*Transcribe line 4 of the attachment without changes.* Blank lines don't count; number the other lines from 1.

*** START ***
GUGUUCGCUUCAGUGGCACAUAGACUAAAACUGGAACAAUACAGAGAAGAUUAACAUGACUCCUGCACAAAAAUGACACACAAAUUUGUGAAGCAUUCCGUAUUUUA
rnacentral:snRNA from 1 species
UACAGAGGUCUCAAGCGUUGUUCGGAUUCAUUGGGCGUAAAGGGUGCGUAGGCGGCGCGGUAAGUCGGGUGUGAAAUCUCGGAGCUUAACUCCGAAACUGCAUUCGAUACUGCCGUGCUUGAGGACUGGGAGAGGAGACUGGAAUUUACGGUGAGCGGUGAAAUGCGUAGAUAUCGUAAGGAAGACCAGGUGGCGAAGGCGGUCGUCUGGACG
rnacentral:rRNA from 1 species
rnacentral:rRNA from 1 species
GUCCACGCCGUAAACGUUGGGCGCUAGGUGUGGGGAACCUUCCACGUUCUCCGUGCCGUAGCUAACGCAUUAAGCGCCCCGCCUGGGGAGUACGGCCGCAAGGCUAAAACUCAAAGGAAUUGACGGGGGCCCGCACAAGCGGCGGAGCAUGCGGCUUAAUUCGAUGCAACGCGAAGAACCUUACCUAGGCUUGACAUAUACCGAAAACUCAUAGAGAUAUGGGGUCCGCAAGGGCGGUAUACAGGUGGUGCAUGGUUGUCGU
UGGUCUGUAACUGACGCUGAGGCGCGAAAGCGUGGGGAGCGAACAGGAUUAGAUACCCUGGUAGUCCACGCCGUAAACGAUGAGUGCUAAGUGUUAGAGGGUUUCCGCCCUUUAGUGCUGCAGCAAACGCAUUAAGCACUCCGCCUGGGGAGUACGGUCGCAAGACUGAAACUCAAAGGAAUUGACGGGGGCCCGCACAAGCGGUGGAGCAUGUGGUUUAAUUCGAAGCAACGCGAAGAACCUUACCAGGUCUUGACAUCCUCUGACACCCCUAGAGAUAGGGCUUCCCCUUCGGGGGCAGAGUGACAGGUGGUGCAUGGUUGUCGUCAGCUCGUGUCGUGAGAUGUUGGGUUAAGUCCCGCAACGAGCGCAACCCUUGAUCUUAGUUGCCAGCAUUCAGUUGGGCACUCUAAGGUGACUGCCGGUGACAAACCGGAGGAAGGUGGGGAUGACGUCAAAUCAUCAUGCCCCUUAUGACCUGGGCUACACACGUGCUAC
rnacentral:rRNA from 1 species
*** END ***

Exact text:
rnacentral:rRNA from 1 species